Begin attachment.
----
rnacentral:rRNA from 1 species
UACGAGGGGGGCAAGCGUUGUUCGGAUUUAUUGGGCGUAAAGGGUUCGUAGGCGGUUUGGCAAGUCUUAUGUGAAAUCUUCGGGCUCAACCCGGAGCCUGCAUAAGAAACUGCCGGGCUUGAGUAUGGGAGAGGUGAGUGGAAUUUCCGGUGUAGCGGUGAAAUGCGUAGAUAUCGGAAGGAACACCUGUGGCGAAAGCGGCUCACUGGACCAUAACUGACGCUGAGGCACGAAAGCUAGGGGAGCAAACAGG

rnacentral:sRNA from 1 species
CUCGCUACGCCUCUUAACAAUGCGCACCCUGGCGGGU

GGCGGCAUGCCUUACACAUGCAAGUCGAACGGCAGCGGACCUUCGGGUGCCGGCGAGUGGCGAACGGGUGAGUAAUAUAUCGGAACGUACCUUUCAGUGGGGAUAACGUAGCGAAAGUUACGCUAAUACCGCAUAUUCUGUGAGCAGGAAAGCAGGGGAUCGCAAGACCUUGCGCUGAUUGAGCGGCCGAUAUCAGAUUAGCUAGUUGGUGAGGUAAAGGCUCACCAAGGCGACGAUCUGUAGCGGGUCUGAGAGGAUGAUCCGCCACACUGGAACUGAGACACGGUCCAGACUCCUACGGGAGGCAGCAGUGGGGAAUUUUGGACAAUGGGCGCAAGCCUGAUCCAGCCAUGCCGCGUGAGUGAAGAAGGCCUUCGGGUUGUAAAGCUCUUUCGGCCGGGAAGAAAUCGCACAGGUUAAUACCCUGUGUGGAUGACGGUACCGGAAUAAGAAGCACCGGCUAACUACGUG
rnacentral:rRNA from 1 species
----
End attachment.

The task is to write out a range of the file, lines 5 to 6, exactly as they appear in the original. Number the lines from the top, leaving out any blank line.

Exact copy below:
GGCGGCAUGCCUUACACAUGCAAGUCGAACGGCAGCGGACCUUCGGGUGCCGGCGAGUGGCGAACGGGUGAGUAAUAUAUCGGAACGUACCUUUCAGUGGGGAUAACGUAGCGAAAGUUACGCUAAUACCGCAUAUUCUGUGAGCAGGAAAGCAGGGGAUCGCAAGACCUUGCGCUGAUUGAGCGGCCGAUAUCAGAUUAGCUAGUUGGUGAGGUAAAGGCUCACCAAGGCGACGAUCUGUAGCGGGUCUGAGAGGAUGAUCCGCCACACUGGAACUGAGACACGGUCCAGACUCCUACGGGAGGCAGCAGUGGGGAAUUUUGGACAAUGGGCGCAAGCCUGAUCCAGCCAUGCCGCGUGAGUGAAGAAGGCCUUCGGGUUGUAAAGCUCUUUCGGCCGGGAAGAAAUCGCACAGGUUAAUACCCUGUGUGGAUGACGGUACCGGAAUAAGAAGCACCGGCUAACUACGUG
rnacentral:rRNA from 1 species